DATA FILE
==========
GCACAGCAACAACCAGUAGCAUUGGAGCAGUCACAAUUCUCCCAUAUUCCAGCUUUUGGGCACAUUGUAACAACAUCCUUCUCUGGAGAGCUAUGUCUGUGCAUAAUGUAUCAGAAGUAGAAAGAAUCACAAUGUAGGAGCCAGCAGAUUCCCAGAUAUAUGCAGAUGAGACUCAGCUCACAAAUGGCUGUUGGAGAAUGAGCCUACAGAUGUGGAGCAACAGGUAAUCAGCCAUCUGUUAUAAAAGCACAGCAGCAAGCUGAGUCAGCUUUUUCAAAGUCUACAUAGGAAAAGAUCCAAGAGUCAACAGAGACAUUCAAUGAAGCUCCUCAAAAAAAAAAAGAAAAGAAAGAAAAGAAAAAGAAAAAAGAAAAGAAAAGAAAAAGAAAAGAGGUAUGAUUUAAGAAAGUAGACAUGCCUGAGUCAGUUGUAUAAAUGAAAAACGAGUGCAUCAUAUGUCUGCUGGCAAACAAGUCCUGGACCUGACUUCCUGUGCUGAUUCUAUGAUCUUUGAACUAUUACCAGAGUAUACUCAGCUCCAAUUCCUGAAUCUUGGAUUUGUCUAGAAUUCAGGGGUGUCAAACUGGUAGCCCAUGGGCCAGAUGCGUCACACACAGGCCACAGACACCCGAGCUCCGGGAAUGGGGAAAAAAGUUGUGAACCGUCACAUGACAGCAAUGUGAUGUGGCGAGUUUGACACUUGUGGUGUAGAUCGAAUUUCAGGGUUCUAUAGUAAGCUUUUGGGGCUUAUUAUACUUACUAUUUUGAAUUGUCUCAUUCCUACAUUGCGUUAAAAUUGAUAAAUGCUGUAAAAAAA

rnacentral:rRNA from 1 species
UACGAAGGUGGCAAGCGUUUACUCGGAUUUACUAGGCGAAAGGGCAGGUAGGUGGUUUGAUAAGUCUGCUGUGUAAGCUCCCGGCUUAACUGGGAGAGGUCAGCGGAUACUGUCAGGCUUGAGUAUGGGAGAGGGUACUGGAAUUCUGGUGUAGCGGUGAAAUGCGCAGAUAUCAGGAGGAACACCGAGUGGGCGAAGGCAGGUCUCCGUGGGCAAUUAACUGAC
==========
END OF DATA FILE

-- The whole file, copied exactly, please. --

GCACAGCAACAACCAGUAGCAUUGGAGCAGUCACAAUUCUCCCAUAUUCCAGCUUUUGGGCACAUUGUAACAACAUCCUUCUCUGGAGAGCUAUGUCUGUGCAUAAUGUAUCAGAAGUAGAAAGAAUCACAAUGUAGGAGCCAGCAGAUUCCCAGAUAUAUGCAGAUGAGACUCAGCUCACAAAUGGCUGUUGGAGAAUGAGCCUACAGAUGUGGAGCAACAGGUAAUCAGCCAUCUGUUAUAAAAGCACAGCAGCAAGCUGAGUCAGCUUUUUCAAAGUCUACAUAGGAAAAGAUCCAAGAGUCAACAGAGACAUUCAAUGAAGCUCCUCAAAAAAAAAAAGAAAAGAAAGAAAAGAAAAAGAAAAAAGAAAAGAAAAGAAAAAGAAAAGAGGUAUGAUUUAAGAAAGUAGACAUGCCUGAGUCAGUUGUAUAAAUGAAAAACGAGUGCAUCAUAUGUCUGCUGGCAAACAAGUCCUGGACCUGACUUCCUGUGCUGAUUCUAUGAUCUUUGAACUAUUACCAGAGUAUACUCAGCUCCAAUUCCUGAAUCUUGGAUUUGUCUAGAAUUCAGGGGUGUCAAACUGGUAGCCCAUGGGCCAGAUGCGUCACACACAGGCCACAGACACCCGAGCUCCGGGAAUGGGGAAAAAAGUUGUGAACCGUCACAUGACAGCAAUGUGAUGUGGCGAGUUUGACACUUGUGGUGUAGAUCGAAUUUCAGGGUUCUAUAGUAAGCUUUUGGGGCUUAUUAUACUUACUAUUUUGAAUUGUCUCAUUCCUACAUUGCGUUAAAAUUGAUAAAUGCUGUAAAAAAA

rnacentral:rRNA from 1 species
UACGAAGGUGGCAAGCGUUUACUCGGAUUUACUAGGCGAAAGGGCAGGUAGGUGGUUUGAUAAGUCUGCUGUGUAAGCUCCCGGCUUAACUGGGAGAGGUCAGCGGAUACUGUCAGGCUUGAGUAUGGGAGAGGGUACUGGAAUUCUGGUGUAGCGGUGAAAUGCGCAGAUAUCAGGAGGAACACCGAGUGGGCGAAGGCAGGUCUCCGUGGGCAAUUAACUGAC